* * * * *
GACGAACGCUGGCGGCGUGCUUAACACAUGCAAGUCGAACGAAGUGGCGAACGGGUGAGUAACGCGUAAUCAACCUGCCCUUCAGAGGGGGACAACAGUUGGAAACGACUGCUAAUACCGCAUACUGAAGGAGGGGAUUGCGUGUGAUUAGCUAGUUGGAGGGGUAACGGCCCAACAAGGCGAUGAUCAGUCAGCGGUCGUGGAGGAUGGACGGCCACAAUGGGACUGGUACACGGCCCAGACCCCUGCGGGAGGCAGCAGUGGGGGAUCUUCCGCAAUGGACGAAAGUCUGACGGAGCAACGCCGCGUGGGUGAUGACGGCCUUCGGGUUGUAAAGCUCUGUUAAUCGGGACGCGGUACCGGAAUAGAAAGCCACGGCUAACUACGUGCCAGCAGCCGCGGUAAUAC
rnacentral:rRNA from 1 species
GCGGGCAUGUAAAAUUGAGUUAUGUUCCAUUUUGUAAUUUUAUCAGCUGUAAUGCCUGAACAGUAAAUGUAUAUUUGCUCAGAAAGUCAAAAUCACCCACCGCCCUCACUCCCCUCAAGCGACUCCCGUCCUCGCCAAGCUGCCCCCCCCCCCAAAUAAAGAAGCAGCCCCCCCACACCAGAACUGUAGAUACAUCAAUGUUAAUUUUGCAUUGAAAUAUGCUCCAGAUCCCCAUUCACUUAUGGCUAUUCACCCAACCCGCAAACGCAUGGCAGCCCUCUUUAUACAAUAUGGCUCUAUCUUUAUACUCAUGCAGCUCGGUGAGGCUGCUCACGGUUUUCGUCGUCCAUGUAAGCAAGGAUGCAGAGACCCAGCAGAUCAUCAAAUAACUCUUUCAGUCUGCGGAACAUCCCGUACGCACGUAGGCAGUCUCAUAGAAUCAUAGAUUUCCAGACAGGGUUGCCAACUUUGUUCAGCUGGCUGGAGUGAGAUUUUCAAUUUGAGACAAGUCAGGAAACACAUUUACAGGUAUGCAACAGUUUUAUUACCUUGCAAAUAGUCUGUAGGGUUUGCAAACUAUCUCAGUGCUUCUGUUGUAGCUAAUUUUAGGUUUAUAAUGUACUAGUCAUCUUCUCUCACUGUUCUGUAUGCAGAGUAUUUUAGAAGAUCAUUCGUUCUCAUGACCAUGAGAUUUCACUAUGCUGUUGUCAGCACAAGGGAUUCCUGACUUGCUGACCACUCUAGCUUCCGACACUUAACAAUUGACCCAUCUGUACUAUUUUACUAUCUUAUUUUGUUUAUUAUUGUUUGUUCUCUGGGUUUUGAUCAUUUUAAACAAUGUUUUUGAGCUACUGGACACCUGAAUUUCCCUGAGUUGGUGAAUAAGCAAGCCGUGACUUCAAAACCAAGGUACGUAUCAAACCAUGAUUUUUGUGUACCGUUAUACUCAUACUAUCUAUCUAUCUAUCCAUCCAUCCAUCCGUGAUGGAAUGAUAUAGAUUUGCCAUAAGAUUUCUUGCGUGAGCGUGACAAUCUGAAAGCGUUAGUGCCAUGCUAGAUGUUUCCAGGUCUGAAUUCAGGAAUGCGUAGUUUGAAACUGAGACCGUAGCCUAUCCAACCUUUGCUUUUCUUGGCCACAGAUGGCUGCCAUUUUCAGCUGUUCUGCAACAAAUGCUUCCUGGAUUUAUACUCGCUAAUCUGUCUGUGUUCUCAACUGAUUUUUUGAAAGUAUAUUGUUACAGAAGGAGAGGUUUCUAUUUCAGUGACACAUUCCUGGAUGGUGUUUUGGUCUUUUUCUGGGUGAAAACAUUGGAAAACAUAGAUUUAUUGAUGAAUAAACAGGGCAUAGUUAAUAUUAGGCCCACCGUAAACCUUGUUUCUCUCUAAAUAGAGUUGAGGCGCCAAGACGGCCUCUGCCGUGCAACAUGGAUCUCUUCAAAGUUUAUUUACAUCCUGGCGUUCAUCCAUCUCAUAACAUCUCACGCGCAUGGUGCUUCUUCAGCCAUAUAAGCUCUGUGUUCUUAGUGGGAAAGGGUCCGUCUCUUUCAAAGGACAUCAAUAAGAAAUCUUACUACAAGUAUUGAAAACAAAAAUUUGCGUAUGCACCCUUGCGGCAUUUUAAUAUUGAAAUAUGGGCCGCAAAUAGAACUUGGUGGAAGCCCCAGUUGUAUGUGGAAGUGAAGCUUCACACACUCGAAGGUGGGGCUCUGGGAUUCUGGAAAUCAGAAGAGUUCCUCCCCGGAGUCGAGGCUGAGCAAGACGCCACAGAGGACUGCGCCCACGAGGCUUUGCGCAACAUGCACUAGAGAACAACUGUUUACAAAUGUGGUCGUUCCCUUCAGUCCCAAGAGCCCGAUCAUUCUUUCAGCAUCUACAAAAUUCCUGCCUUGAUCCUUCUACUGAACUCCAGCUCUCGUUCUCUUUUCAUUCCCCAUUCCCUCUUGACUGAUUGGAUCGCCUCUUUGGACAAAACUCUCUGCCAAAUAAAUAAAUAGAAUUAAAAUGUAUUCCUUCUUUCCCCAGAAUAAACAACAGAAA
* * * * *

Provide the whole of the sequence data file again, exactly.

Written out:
GACGAACGCUGGCGGCGUGCUUAACACAUGCAAGUCGAACGAAGUGGCGAACGGGUGAGUAACGCGUAAUCAACCUGCCCUUCAGAGGGGGACAACAGUUGGAAACGACUGCUAAUACCGCAUACUGAAGGAGGGGAUUGCGUGUGAUUAGCUAGUUGGAGGGGUAACGGCCCAACAAGGCGAUGAUCAGUCAGCGGUCGUGGAGGAUGGACGGCCACAAUGGGACUGGUACACGGCCCAGACCCCUGCGGGAGGCAGCAGUGGGGGAUCUUCCGCAAUGGACGAAAGUCUGACGGAGCAACGCCGCGUGGGUGAUGACGGCCUUCGGGUUGUAAAGCUCUGUUAAUCGGGACGCGGUACCGGAAUAGAAAGCCACGGCUAACUACGUGCCAGCAGCCGCGGUAAUAC
rnacentral:rRNA from 1 species
GCGGGCAUGUAAAAUUGAGUUAUGUUCCAUUUUGUAAUUUUAUCAGCUGUAAUGCCUGAACAGUAAAUGUAUAUUUGCUCAGAAAGUCAAAAUCACCCACCGCCCUCACUCCCCUCAAGCGACUCCCGUCCUCGCCAAGCUGCCCCCCCCCCCAAAUAAAGAAGCAGCCCCCCCACACCAGAACUGUAGAUACAUCAAUGUUAAUUUUGCAUUGAAAUAUGCUCCAGAUCCCCAUUCACUUAUGGCUAUUCACCCAACCCGCAAACGCAUGGCAGCCCUCUUUAUACAAUAUGGCUCUAUCUUUAUACUCAUGCAGCUCGGUGAGGCUGCUCACGGUUUUCGUCGUCCAUGUAAGCAAGGAUGCAGAGACCCAGCAGAUCAUCAAAUAACUCUUUCAGUCUGCGGAACAUCCCGUACGCACGUAGGCAGUCUCAUAGAAUCAUAGAUUUCCAGACAGGGUUGCCAACUUUGUUCAGCUGGCUGGAGUGAGAUUUUCAAUUUGAGACAAGUCAGGAAACACAUUUACAGGUAUGCAACAGUUUUAUUACCUUGCAAAUAGUCUGUAGGGUUUGCAAACUAUCUCAGUGCUUCUGUUGUAGCUAAUUUUAGGUUUAUAAUGUACUAGUCAUCUUCUCUCACUGUUCUGUAUGCAGAGUAUUUUAGAAGAUCAUUCGUUCUCAUGACCAUGAGAUUUCACUAUGCUGUUGUCAGCACAAGGGAUUCCUGACUUGCUGACCACUCUAGCUUCCGACACUUAACAAUUGACCCAUCUGUACUAUUUUACUAUCUUAUUUUGUUUAUUAUUGUUUGUUCUCUGGGUUUUGAUCAUUUUAAACAAUGUUUUUGAGCUACUGGACACCUGAAUUUCCCUGAGUUGGUGAAUAAGCAAGCCGUGACUUCAAAACCAAGGUACGUAUCAAACCAUGAUUUUUGUGUACCGUUAUACUCAUACUAUCUAUCUAUCUAUCCAUCCAUCCAUCCGUGAUGGAAUGAUAUAGAUUUGCCAUAAGAUUUCUUGCGUGAGCGUGACAAUCUGAAAGCGUUAGUGCCAUGCUAGAUGUUUCCAGGUCUGAAUUCAGGAAUGCGUAGUUUGAAACUGAGACCGUAGCCUAUCCAACCUUUGCUUUUCUUGGCCACAGAUGGCUGCCAUUUUCAGCUGUUCUGCAACAAAUGCUUCCUGGAUUUAUACUCGCUAAUCUGUCUGUGUUCUCAACUGAUUUUUUGAAAGUAUAUUGUUACAGAAGGAGAGGUUUCUAUUUCAGUGACACAUUCCUGGAUGGUGUUUUGGUCUUUUUCUGGGUGAAAACAUUGGAAAACAUAGAUUUAUUGAUGAAUAAACAGGGCAUAGUUAAUAUUAGGCCCACCGUAAACCUUGUUUCUCUCUAAAUAGAGUUGAGGCGCCAAGACGGCCUCUGCCGUGCAACAUGGAUCUCUUCAAAGUUUAUUUACAUCCUGGCGUUCAUCCAUCUCAUAACAUCUCACGCGCAUGGUGCUUCUUCAGCCAUAUAAGCUCUGUGUUCUUAGUGGGAAAGGGUCCGUCUCUUUCAAAGGACAUCAAUAAGAAAUCUUACUACAAGUAUUGAAAACAAAAAUUUGCGUAUGCACCCUUGCGGCAUUUUAAUAUUGAAAUAUGGGCCGCAAAUAGAACUUGGUGGAAGCCCCAGUUGUAUGUGGAAGUGAAGCUUCACACACUCGAAGGUGGGGCUCUGGGAUUCUGGAAAUCAGAAGAGUUCCUCCCCGGAGUCGAGGCUGAGCAAGACGCCACAGAGGACUGCGCCCACGAGGCUUUGCGCAACAUGCACUAGAGAACAACUGUUUACAAAUGUGGUCGUUCCCUUCAGUCCCAAGAGCCCGAUCAUUCUUUCAGCAUCUACAAAAUUCCUGCCUUGAUCCUUCUACUGAACUCCAGCUCUCGUUCUCUUUUCAUUCCCCAUUCCCUCUUGACUGAUUGGAUCGCCUCUUUGGACAAAACUCUCUGCCAAAUAAAUAAAUAGAAUUAAAAUGUAUUCCUUCUUUCCCCAGAAUAAACAACAGAAA